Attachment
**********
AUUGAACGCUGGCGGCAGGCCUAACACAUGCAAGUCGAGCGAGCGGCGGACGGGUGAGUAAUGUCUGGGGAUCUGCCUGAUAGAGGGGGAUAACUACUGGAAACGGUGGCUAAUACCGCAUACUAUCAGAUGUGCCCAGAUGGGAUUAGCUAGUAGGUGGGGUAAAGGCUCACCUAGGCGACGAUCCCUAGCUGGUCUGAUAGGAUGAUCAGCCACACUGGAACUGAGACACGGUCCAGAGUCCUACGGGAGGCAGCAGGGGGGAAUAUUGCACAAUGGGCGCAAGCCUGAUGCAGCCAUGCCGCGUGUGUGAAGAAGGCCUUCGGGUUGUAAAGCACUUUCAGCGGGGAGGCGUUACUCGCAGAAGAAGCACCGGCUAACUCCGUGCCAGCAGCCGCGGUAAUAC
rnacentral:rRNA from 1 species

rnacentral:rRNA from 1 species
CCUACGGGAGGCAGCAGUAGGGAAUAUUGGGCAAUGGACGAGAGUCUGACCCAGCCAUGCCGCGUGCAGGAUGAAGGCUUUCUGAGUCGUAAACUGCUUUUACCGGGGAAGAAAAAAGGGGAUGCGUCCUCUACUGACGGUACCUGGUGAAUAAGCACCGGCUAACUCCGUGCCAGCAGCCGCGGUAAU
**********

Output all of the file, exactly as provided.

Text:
AUUGAACGCUGGCGGCAGGCCUAACACAUGCAAGUCGAGCGAGCGGCGGACGGGUGAGUAAUGUCUGGGGAUCUGCCUGAUAGAGGGGGAUAACUACUGGAAACGGUGGCUAAUACCGCAUACUAUCAGAUGUGCCCAGAUGGGAUUAGCUAGUAGGUGGGGUAAAGGCUCACCUAGGCGACGAUCCCUAGCUGGUCUGAUAGGAUGAUCAGCCACACUGGAACUGAGACACGGUCCAGAGUCCUACGGGAGGCAGCAGGGGGGAAUAUUGCACAAUGGGCGCAAGCCUGAUGCAGCCAUGCCGCGUGUGUGAAGAAGGCCUUCGGGUUGUAAAGCACUUUCAGCGGGGAGGCGUUACUCGCAGAAGAAGCACCGGCUAACUCCGUGCCAGCAGCCGCGGUAAUAC
rnacentral:rRNA from 1 species

rnacentral:rRNA from 1 species
CCUACGGGAGGCAGCAGUAGGGAAUAUUGGGCAAUGGACGAGAGUCUGACCCAGCCAUGCCGCGUGCAGGAUGAAGGCUUUCUGAGUCGUAAACUGCUUUUACCGGGGAAGAAAAAAGGGGAUGCGUCCUCUACUGACGGUACCUGGUGAAUAAGCACCGGCUAACUCCGUGCCAGCAGCCGCGGUAAU